Maftool, derived from the Arabic verb fatala meaning to twist or roll, is a grain traditionally served in Palestine, as well as some parts of the Levant, made of whole wheat and bulgur that is traditionally hand-rolled. This is usually done with the help of a metal sieve-like tool. However, nowadays, you can find maftool in shops selling Middle Eastern products.
Akin to couscous, maftool has similar origins as it was first introduced in Palestine by Moroccan migrants and evolved into a bigger, more textured grain. Although we find that it is currently being marketed in many countries as Israeli couscous, it cannot be proven as Israeli since couscous originated in North Africa.
As a dish, maftool typically consists of steamed maftool, chicken, lots of onions, and chickpeas all cooked in a spiced broth. It is traditionally served on special occasions and celebrations.
- 8 pieces of chicken, skin-on, bone-in (this may be a whole chicken or your preferred parts)
- 2 tbsp. olive oil
- 1 large onion roughly chopped
- Whole spices: 6-8 cardamom pods, 1 tsp. black peppercorns, 3 cloves, 2 bay leaves, and 1 cinnamon stick (optional)
- 15-20 pearl onions (or 3 large onions sliced)
- 1-2 cans of chickpeas (to taste)
- 2 tsp. of garlic paste or finely chopped garlic
- Mixed ground spices: 1 tbsp. all spice, 2 tsp. cumin, ½ tsp. cardamom, 1 tsp. caraway, and salt and pepper to taste
- 1 chicken stock cube
- 3 cups of maftool
- 1 tbsp. butter
1. Heat 1 tbsp. olive oil in a large stockpot. Once the oil is hot, put the chicken skin side down in the pan and brown on all sides. Add the chopped onions and whole spices and sauté together for a minute or two. Then add enough water to fill the pot to about an inch or two above the chicken. Let the chicken simmer and be sure to scrape off all the foam floating to the top, as this will give the broth an undesirable taste.
2. Peel the pearl onions or the large onions while the chicken is being cooked. Once the chicken is mostly cooked, add the onions, chickpeas, garlic, ground spices and stock cube. Cover the pot and allow to simmer on a medium-low heat for about half an hour, or until the onions are soft. Add water if you feel like you are running low, as you will be using some of the stock to cook the maftool, and adjust the spices. Make sure you taste the broth and feel free to add more spices. Don’t forget that as the broth reduces, it becomes more concentrated, so tasting frequently is a must.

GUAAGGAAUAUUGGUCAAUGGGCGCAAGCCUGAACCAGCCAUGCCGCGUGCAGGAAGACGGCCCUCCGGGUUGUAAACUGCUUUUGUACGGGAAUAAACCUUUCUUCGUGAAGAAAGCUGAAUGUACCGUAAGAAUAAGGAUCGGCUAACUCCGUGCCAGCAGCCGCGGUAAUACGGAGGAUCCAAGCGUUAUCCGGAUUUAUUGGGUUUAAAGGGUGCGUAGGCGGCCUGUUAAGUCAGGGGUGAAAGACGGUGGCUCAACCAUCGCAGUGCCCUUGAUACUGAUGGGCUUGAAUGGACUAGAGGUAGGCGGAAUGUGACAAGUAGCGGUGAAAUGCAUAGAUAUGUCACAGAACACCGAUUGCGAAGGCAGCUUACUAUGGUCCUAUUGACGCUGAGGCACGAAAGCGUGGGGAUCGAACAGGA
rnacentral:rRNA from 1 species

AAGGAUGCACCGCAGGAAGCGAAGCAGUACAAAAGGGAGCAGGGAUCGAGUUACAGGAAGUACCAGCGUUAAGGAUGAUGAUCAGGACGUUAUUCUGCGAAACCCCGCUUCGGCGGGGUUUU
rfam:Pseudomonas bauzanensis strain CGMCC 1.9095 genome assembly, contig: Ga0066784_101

3. In another pot, heat the olive oil and lightly sauté the maftool until it is coated in the oil and is shiny, about 3-4 minutes. Each maftool has its own instructions, but generally, you need about 1 ½ cups of stock for each cup of uncooked maftool.
4. Slowly add the stock to the maftool and stir. If you feel you are low on stock, you can use half water and half stock. Lower the heat on the maftool and cover, allow to simmer for about 25 minutes or until the maftool becomes soft. Fluff with a fork regularly in order to prevent the maftool from sticking to the bottom of the pot.
5. Once the maftool is done and the chicken is cooked, you have two choices. You can either remove the chicken from the broth, put on a baking sheet and under the broiler to allow the skin to crisp up, or you can keep the chicken in the broth and either remove the skin or have it soft. Transfer the maftool into a sieve (there should be no cooking liquid left), add 1 tbsp. of butter and some more of the ground spices, mix and put the sieve over the broth pot. Put the lid over the sieve and allow the maftool to steam for about 10-15 minutes while the broth simmers on low in order to absorb some of the flavour.
6. Serve in a large serving dish. First put the maftool, then spoon some of the broth with the onions and chickpeas, and top with the chicken. Serve extra broth on the side to add to each plate. Enjoy!